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" commercial wind power is now deployed in more than 75 countries around the world"international financial institutions, the IPCC and now the new International Renewable Energy Agency (IRENA), GWEC represents the global wind industry to show how far we've come, but also to advocate new policies to help wind power reach its full potential in as wide a variety of markets as possible.In the climate context, wind power benefited significantly from the Kyoto Protocol's market mechanisms: particularly the Clean Development Mechanism, and particularly in China and India, but also to a lesser extent in Brazil, Mexico, Egypt and Morocco among others. But uncertainly now shrouds the future of the CDM, even if it seems that the Kyoto Protocol will survive in some form, the once-burgeoning carbon market has now flagged, awaiting new political stimulus. In the years preceding Copenhagen, we worked hard with a variety of partners to improve and enhance the effectiveness of the carbon market to stimulate investment in wind and other clean energy technologies, waiting for a sign from governments. We had hoped for that sign in Copenhagen, in Cancun, and then again in Durban; and while there was a breakthrough of sorts in Durban, by and large we are still waiting. Governments regularly pay lip service to the fact that it is the private sector that is going to have to supply the majority of the finance necessary to meet our climate protection goals, and this fact is all the more clear as budgets are slashed across the OECD and economies teeter on the brink of insolvency. But when they get together to negotiate on climate, they tend to focus primarily on what they as governments can do on their own, rather than what they as governments should do to create the legal framework and enabling environment to drive private investment towards clean energy technologies such as wind power and some of the other rapidly maturing members of the renewable energy family. The Kyoto Protocol's carbon market, though far from perfect, was a good start, and was beginning to show significant promise. Until and unless someone comes up with something better, we would urge negotiators to build on and improve what has worked to date, which in the end must be driven by legally binding emissions reduction obligations. This is, after all, what the climate needs to stabilise at anything like the 2°C target which has now been universally adopted. We have the technology to decarbonise the electricity sector by 2050, and with the right policy frameworks, the finance is available from the private sector and national, regional and multilateral financial institutions. If governments could get that right, then they could get down to the really difficult business of solving the (unfortunately) many other pieces of the climate problem which does, in fact, require their direct intervention. nABOUT THE AUTHORSteve Sawyer, Secretary-General of GWEC, has worked in the energy and environment field since 1978, with a particular focus on climate change and renewable energy. Mr Sawyer spent 30 years working for Greenpeace as CEO of both Greenpeace USA and Greenpeace International and served as Head of Delegation to Kyoto Protocol negotiations on climate change. Mr Sawyer is a founding member of REN21 and was also an expert reviewer for the IPCC's Working Group 3.Right: Pie Chart showing the Top 10 New Installed Capacity Jan-Dec 2011renewable energy 059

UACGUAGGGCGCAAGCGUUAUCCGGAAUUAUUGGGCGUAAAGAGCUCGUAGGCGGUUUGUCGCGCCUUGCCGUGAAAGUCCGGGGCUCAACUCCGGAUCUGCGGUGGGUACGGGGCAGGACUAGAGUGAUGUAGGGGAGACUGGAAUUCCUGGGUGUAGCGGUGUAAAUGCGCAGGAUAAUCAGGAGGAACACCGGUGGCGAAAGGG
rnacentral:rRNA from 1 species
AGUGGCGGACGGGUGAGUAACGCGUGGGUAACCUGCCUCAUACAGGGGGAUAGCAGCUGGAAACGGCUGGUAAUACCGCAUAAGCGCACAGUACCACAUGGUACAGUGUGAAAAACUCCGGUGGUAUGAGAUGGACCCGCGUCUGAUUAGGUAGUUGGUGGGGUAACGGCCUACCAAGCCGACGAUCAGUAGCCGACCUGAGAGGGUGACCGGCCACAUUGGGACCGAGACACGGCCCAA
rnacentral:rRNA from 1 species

Coal: Cleaner Energy for All T here are currently 1.3 billion people across the globe that lack access to modern electricity. The world needs to come together to address this major challenge. All energy sources have a role to play in delivering energy to those who need it, but coal will be front and centre in solving the energy poverty crisis.At a recent speech the International Energy Agency's Chief Economist, Dr Fatih Birol, described coal as "the forgotten fuel". In the context of 20 years of debates about addressing climate change and calls to reduce the use of the world's fossil fuels, 2010 saw coal's share in global energy consumption at its highest level since 1970. According to the IEA's 2011 World Energy Outlook (WEO) "coal unquestionably won the energy race in the first decade of the 21st century" matching all other energy sources combined in providing incremental electricity supply. In the last 30 years worldwide coal consumption has increased from 3.7 billion tons per year to an amount approaching 8 billion tons per year today. This is explosive growth indeed and the past will be prologue. The fact is that coal is the world's second largest source of primary energy and largest supplier of electricity - about 40 per cent of global electricity generation comes from coal. Even in the face of action on climate change, coal's role is forecast " improving the efficiency of coal-fired power generation is among the cheapest and easiest ways to reduce CO2 emissions "Fredrick D. Palmer, Chairman, World Coal Association (WCA)Milton Catelin, Chief Executive, World Coal Association (WCA)Siemens Press Picture060 clean coal technologyFigure 1: Incremental world primary energy demand by fuel, 2000 - 2010